Mr. THOMAS REID (New Westminster) :
I rise at this time to make a few remarks about this bill, and to criticize some of its provisions and also some of the omissions from the report and from the bill.
First of all may I say that as one who listened to the speech of the Right Hon. R.
B. Bennett when the bill setting up the
C. B.C. was introduced, I should like to correct one general misinterpretation. Those of us who sat in the house at that time did not visualize or realize the C.B.C. set-up which we have to-day. I say that unqualifiedly. Those of us who listened to the speeches on that bill visualized something like the Canadian National Railways. We visualized a set-up like the present air service, so that if anybody wanted to enter into competition with the Trans-Canada Air Lines they would go before a different board entirely and ask for a licence. If you want to run a railway you do not go before the Canadian National Railways, and ask for permission. The same principle applies to air services. I think we should definitely keep that in mind, when discussing the C.B.C.
I have heard the leader of the C.C.F. and some hon. members on this side say that there is something -wrong now when we criticize the C.B.C. W'hen I have taken exception to some of the things that have happened they say to me: "You voted for it. didn't you?" Of course I voted for it, but I doubt whether I would vote for it to-day if it came before the house, particularly in the light of what has taken place since the commission was set up.
Nothing much was done on the committee, and I am not making any carping criticism of the members of that committee with regard to the appeal board, but anyone who
has had any experience at all in going before the Canadian Broadcasting Corporation, and I have, cannot help but feel if there is one thing needed more than another it is a board to whom the public and the people of Canada can appeal when unjust decisions are made.
I want the Minister of National War Services (Mr. McCann) and the Minister of Reconstruction and Supply (Mr. Howe) to consider the case I have in mind. In the city of New Westminster we were good enough to have a licence for a radio station granted. It was meant to serve the district and the city of New Westminster. The owner of that station was given a frequency of 1230 on the dial and 250 watt power. After they had been in operation they experienced a great deal of criticism from the stations in Vancouver because of the aggressiveness and the splendid programmes put out by the owner of the station. Protests were made to the C.B.C. that the station in New Westminster was crippling them. It was not long before we found out that 250 and 1230 on the dial covered only a certain portion of the district. During the day you could hear the station fairly well for a distance of about twenty miles out; but those living close to the boundary found that at night time there was so much interference from radio stations across the line that it practically blacked out radio station CKNW. Therefore an appeal was made by the owner of CKNW to have a change made. I do not like to say this, but I think he made the unfortunate error of asking a member of parliament to assist him. I know there are a lot of carping statements made about the interference, so-called of a member of parliament. I am making no apology, for when one of my constituents appeals to me and tells me that he believes an injustice has been done I shall make some representations on his behalf. I maintain that it is the duty of a member of parliament, if he is truly representing his people, when an appeal is made to him with regard to an injustice, to see what he can do about it. An appeal was made after being refused by the CJ5.C. Since we were sitting in Ottawa I was asked to go before the board, and I did so. I think perhaps it was a mistake, because it was intimated quietly to me that it was just too bad for a member of parliament to appear on behalf of anyone.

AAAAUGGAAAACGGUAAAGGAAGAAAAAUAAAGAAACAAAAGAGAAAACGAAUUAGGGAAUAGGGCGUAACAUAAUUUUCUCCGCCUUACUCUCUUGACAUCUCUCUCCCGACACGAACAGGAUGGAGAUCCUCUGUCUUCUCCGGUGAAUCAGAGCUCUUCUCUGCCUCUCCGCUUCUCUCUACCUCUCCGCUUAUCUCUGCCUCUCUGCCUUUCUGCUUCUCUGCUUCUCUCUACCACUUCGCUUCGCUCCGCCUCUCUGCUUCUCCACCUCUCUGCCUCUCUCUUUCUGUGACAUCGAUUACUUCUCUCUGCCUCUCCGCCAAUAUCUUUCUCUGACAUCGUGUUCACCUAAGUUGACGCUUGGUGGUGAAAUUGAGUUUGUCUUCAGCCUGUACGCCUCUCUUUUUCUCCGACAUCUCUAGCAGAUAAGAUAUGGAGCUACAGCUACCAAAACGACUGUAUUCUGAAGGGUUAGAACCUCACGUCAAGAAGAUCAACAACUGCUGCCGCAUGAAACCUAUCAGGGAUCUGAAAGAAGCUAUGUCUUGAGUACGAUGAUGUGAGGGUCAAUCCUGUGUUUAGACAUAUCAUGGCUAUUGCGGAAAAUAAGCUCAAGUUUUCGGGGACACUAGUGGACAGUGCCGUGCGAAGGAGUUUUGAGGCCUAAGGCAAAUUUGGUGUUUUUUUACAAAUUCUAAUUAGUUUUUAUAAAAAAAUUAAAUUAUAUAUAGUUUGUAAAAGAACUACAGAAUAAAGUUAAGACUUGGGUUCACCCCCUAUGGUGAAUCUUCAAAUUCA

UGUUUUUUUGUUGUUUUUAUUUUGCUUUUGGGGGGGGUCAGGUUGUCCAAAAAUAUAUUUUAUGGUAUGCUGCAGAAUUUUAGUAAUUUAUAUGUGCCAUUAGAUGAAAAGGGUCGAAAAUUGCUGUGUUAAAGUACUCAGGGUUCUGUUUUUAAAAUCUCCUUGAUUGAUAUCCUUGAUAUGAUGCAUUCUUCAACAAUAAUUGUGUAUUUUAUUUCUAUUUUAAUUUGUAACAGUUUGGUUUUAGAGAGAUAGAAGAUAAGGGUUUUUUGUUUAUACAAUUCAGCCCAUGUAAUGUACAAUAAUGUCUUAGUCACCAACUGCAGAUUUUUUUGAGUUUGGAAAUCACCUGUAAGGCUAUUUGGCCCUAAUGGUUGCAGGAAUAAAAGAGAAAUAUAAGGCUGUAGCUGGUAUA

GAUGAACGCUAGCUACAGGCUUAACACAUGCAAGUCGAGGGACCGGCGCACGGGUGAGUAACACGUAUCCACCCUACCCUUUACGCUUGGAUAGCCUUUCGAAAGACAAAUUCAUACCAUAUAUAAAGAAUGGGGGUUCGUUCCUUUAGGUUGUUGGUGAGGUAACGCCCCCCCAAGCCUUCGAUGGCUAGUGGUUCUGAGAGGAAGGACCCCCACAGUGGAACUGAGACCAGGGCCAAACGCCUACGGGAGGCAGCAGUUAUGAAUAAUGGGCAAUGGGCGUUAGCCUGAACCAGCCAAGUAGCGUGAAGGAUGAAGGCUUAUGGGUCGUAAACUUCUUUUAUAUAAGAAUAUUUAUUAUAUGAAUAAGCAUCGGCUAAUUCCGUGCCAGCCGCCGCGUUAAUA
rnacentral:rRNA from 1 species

Taking the view of the leader of the C.C.F. that politics should be kept out of it, I wish to say to him that if he wants to represent his people fully and truthfully and faithfully he will fight for them when he believes they have a grievance. Apparently it is now felt
by some that it is wrong for a member of parliament to listen to an appeal. If a man has a case before the Canadian pension board and fails, are we to tell him when he comes to us that it is political interference? Will any member of parliament care to do that? It is up to us to fight on behalf of our constituents when we feel they have a case. Parliament is the court of last appeal. If any member of parliament cannot be appealed to on any matter, then democracy is gone. I view with alarm what has taken place in the past.
Let me return to the case to which I was referring. Station CKNW was allotted, as I said before, 1230 on the dial. The only other station on the same wave band is in the district represented by the hon. member for Peace River (Mr. Low). That station is located at Prince George and appears at 1250 on the dial. Prince George is in the interior.
At one o'clock the house took recess.
The house resumed at three o'clock.
Subtopic: CORPORATION TO RECEIVE LICENCE FEES- ADVANCES ON ACCOUNT OF CAPITAL EXPENDITURES